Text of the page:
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Several weeks ago, when the COVID-19 crisis seemed so far away from home, I walked into Walgreen’s and came to a customer by a shopping cart full of toilet paper. She took me aside and said in Spanish, “Mija, come here. See all this — they won’t let me take it. But you can take some. Hurry, take some before we run out!”
I told the woman that I wasn’t worried. We were well stocked at home. I had done my monthly run for supplies not more than a couple weeks prior to all this. A couple days later we were on our last four rolls so I headed to the store. Five stores later, I gave up.
On the way home, I thought, “There has to be another way.” I Googled, “Going paperless in the bathroom.”
The first thing that came up was the Filipino tabo, which requires a designated bottle, cup, or spray bottle. After YouTubing “how to use tabo” I felt confident enough and experimented in the bathroom. And surprisingly it worked.
I figured, this is a temporary fix, things will go back to normal. I was so wrong.
Seven days in and people were still hoarding toilet paper. I got stories of my aunt going into Walmart and asking the stockers, “Hey where’s the toilet paper” and they would tell her in a whisper to “Go to the back.” Suddenly our grocery stores have become speakeasies for toilet paper.
Going with the bidet
In hearing these stories, I decided that either we continue to tabo or we go bidet. After a quick conversation with my husband, who was very open about it, I bought the bidet. Well, to be clear, I bought a bidet-attachment. It’s actually a sprayer that you hook up to the water valve on your toilet.
I wasn’t the only one. I discovered a shortage of bidets and bidet-like products. And the wait to get them was about two weeks. I was lucky and found one on Amazon that was supposed to come in three days later.
My husband installed it when it arrived. No need for a plumber; he just followed the pictures on the instruction manual and within 20 minutes we used it.
It’s faster than tabo and much more refreshing than the one-ply toilet paper available in stores now.
Finding bidet benefits
Additionally, we found a whole bunch of benefits that come with using a bidet. We live in an older home with older pipes. Our landlord told us not to put too much toilet paper in the toilets when we first signed the lease.
In our previous home, we had to get the plumbers to redo pipes because of toilet paper issues. With a bidet we don’t run into clogging pipes with toilet paper because we won’t be using toilet paper.
Additionally, bidets are supposed to be cleaner. According to the Muscular Dystrophy Association, bidets reduce your contact with disease-causing germs. The MDA adds that bidet users report that they help prevent hemorrhoids, constipation and could reduce vaginal and urinary tract infections in women.
For those who are trying to minimize environmental waste, using a bidet reduces the use of toilet paper and saves water.
Advice from a plumber
When shopping for the bidet, I discovered there are different kinds, including bidet toilet seats and bidet attachments, all with different functions and the option to have a water warmer or not. I found different price ranges.
Jeffrey Foght of Jeff’s Westside Plumbing said he’s installed a few traditional bidets in homes. He said a traditional bidet is a separate basin from the toilet itself and requires a large bathroom and a plumbing permit.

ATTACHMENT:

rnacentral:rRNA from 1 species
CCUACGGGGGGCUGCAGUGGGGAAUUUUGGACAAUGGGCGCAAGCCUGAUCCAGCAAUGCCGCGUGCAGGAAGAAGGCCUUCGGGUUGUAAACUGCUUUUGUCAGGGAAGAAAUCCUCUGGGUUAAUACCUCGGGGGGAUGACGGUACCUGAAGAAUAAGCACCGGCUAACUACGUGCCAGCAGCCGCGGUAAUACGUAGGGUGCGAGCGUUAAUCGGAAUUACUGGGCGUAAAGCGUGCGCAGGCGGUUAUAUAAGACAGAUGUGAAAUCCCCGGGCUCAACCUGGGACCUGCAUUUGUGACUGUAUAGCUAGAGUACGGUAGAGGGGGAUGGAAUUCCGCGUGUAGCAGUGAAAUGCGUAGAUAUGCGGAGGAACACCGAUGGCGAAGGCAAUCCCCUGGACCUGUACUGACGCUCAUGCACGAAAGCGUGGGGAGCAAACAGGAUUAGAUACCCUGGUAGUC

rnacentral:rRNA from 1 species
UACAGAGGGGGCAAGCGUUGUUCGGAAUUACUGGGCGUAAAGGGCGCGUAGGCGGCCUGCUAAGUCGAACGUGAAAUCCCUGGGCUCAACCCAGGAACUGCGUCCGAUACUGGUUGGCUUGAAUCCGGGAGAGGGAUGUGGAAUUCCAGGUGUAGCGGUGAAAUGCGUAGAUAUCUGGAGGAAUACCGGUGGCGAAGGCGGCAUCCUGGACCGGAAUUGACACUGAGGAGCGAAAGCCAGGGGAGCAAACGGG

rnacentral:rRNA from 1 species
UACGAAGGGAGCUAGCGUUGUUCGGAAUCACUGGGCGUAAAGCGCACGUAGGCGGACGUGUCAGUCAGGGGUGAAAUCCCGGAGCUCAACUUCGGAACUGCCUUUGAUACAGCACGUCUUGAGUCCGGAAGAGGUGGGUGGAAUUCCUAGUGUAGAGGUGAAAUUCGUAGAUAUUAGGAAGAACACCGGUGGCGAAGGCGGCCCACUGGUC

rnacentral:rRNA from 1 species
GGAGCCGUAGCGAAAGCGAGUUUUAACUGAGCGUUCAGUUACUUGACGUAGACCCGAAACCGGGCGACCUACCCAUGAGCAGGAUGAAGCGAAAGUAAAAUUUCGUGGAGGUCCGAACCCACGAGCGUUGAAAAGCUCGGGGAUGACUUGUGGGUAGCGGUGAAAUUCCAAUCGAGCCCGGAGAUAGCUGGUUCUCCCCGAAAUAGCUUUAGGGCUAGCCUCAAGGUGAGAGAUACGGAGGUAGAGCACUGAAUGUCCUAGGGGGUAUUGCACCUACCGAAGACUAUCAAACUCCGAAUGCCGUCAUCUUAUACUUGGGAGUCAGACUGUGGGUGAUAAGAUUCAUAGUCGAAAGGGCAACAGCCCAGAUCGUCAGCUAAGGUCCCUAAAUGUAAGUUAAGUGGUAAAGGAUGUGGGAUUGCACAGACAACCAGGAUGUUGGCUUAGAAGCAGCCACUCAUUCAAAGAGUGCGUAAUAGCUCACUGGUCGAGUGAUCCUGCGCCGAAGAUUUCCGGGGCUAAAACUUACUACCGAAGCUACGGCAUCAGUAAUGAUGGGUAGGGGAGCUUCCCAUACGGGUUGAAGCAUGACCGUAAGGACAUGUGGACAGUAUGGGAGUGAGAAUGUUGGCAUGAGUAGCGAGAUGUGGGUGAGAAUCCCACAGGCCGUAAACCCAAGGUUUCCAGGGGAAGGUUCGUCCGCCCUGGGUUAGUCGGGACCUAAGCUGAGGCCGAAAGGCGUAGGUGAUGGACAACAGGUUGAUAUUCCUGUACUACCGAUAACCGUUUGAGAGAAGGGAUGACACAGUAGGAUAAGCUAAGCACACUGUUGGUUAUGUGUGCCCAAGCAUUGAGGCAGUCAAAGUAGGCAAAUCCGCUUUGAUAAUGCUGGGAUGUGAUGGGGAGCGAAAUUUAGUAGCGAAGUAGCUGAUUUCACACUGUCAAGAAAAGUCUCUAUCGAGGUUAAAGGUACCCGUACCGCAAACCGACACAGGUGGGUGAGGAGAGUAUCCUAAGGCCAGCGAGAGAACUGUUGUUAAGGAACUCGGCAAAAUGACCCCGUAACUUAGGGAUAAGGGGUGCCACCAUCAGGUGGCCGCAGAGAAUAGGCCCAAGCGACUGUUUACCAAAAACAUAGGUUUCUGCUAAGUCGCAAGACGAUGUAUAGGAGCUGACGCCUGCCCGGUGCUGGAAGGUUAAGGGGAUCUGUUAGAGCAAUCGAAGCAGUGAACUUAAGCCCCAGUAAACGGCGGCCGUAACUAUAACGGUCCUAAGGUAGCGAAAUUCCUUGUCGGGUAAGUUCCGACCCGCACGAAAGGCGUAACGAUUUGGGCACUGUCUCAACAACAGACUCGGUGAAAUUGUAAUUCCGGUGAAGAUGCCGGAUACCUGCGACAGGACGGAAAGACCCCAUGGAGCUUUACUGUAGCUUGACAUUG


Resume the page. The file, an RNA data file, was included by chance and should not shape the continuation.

“We don’t do a lot of those. This is all new. Not new to the world, but new to the U.S.,” Foght said. “But the thing with a bidet, you got to have the space first of all, because it’s a fixture like a toilet, and then it shoots water out from the center.”
The cost, Foght said, is upwards to a few thousand dollars per installation and requires a permit because plumbers have to jack hammer the floor.
“It’s a project,” Foght said. “You have to run water to it, hot and cold water, then you have to run a drain from your floor down to your sewer. Again, you have to space in your bathroom.”
I wasn’t looking to jack hammer the floor. First of all, we rent; secondly, we don’t have the space. Foght then suggested a bidet attachment or a bidet toilet seat could be purchased online instead.
“I don’t see why they wouldn’t work,” he said. “That would probably be the way to go – and it would be one of your cheapest installations, one of those add-ons. In the meantime, all the other countries have been doing it forever. We’re just the only country that seems to like toilet paper for some reason.”
It takes some getting used to
Our bidet attachment cost $52, and we bought one for each bathroom. Total cost was about $110, including shipping. Our bidet attachment connects directly to the water supply valve, which is why it’s on the less expensive end.
The water comes out a bit cold. But we figured it was better to deal with the cold water rather than the headache of worrying about toilet paper. Besides, you get used to it after a while.
Now, some women might ask: What about when I’m on my monthlies? Within two days of installing it and using it, I started. After using the bidet attachment and spraying the area, it felt like I had just showered.
After speaking with Foght and telling everyone I knew about our new bathroom habits, I wondered why didn’t I do this ages ago? Given COVID-19, all it took was a few YouTube videos to learn how to go about cleaning myself.
For those of you afraid of “butt germs” or the ick factor, here’s what you do. You can designate a hand towel for each member of the family to use and launder them at the end of the week.
My husband and I have been made fun of by friends and family. We shrug it off and when the giggles stop, we say, “Keep laughing. All we know is we don’t need toilet paper. We’re good. Are you?”